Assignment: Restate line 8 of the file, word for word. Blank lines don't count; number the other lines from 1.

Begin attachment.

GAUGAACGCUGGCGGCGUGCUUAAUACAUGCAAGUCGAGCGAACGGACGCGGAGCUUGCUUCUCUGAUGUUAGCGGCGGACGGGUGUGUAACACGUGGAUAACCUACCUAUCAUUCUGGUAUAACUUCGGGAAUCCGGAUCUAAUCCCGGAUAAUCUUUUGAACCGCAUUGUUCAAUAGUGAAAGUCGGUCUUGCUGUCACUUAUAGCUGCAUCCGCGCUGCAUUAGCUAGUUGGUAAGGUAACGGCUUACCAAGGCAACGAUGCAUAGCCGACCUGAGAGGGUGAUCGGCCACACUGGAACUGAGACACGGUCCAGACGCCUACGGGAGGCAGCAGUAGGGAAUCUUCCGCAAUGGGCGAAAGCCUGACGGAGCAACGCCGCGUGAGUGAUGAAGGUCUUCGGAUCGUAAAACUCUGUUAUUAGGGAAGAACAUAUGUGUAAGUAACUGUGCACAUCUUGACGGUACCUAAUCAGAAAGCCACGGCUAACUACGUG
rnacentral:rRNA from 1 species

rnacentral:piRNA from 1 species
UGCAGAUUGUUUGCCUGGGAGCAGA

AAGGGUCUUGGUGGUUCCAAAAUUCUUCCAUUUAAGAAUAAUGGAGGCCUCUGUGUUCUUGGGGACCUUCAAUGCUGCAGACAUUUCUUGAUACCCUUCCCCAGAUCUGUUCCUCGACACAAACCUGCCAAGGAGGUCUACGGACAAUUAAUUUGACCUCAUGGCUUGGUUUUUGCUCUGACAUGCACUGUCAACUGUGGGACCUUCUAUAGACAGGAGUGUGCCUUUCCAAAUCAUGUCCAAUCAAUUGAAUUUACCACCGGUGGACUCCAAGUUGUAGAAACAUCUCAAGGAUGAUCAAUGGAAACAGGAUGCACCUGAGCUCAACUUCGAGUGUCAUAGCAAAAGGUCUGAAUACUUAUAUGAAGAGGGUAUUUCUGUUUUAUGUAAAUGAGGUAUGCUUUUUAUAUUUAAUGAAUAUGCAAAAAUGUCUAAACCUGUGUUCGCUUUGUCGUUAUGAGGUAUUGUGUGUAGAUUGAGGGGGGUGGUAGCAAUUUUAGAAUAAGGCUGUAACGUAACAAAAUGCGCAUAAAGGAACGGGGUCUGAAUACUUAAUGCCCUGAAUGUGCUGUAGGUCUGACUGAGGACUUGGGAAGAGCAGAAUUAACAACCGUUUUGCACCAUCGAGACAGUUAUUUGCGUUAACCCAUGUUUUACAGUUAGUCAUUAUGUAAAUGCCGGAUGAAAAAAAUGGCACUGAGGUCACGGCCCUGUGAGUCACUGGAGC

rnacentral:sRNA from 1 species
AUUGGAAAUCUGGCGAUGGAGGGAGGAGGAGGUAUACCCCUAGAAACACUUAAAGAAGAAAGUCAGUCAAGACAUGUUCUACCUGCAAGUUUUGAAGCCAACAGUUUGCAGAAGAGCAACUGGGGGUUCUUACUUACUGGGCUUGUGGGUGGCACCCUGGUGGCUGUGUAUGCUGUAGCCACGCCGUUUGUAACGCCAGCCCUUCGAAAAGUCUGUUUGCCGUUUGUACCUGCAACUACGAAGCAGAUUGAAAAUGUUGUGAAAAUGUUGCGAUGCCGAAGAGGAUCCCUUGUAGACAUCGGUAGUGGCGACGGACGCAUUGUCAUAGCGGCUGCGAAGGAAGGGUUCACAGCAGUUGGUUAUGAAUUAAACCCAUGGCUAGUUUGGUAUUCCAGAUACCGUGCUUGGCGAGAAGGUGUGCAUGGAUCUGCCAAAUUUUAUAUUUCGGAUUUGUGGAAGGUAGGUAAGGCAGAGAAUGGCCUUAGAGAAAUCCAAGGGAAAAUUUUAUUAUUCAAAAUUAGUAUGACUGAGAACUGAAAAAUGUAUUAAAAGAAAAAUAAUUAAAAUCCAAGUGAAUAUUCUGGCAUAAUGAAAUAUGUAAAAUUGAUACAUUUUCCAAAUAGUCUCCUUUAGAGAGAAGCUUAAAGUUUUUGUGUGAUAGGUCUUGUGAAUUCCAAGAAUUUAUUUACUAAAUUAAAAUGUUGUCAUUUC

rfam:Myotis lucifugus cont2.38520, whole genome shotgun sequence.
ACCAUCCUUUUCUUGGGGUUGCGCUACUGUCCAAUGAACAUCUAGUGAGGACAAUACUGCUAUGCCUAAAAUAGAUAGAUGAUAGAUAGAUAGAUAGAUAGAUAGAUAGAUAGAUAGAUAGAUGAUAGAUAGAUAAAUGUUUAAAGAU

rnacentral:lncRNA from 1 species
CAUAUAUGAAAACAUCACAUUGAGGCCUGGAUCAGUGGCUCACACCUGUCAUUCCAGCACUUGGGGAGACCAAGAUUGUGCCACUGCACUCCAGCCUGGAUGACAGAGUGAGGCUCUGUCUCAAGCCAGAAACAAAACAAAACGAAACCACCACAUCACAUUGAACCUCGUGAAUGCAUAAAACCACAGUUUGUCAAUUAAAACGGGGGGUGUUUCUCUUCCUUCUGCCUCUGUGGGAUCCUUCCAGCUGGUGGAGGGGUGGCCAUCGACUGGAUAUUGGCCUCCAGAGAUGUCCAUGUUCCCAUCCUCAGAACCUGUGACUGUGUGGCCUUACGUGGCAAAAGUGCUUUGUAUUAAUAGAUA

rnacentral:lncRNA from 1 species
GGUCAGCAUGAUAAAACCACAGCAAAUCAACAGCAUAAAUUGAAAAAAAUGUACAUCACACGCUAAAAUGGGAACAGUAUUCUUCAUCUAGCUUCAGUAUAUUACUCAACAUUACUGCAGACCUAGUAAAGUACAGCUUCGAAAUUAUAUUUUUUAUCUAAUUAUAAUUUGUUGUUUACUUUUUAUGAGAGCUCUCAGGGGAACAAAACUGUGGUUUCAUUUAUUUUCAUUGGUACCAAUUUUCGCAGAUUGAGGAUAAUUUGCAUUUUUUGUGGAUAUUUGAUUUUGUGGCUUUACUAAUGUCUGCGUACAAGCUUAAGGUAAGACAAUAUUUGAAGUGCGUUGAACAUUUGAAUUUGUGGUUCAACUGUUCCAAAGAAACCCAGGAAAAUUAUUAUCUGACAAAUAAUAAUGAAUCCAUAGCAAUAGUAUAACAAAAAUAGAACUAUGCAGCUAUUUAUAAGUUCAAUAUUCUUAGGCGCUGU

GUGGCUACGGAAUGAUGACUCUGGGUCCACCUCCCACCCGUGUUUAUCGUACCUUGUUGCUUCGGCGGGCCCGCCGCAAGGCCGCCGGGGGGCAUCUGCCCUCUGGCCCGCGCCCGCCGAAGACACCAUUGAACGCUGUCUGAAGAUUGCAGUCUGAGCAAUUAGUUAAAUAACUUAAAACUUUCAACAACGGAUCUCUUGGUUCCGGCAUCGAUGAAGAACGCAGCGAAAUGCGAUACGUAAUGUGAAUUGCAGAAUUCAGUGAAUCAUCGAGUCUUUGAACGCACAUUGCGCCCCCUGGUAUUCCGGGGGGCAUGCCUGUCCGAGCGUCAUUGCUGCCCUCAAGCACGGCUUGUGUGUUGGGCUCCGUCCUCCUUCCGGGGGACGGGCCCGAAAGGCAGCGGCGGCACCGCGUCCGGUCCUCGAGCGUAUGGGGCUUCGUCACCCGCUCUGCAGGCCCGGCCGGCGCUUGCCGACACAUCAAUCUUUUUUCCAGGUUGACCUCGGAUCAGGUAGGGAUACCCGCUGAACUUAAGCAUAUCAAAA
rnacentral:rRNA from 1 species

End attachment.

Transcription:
rfam:Myotis lucifugus cont2.38520, whole genome shotgun sequence.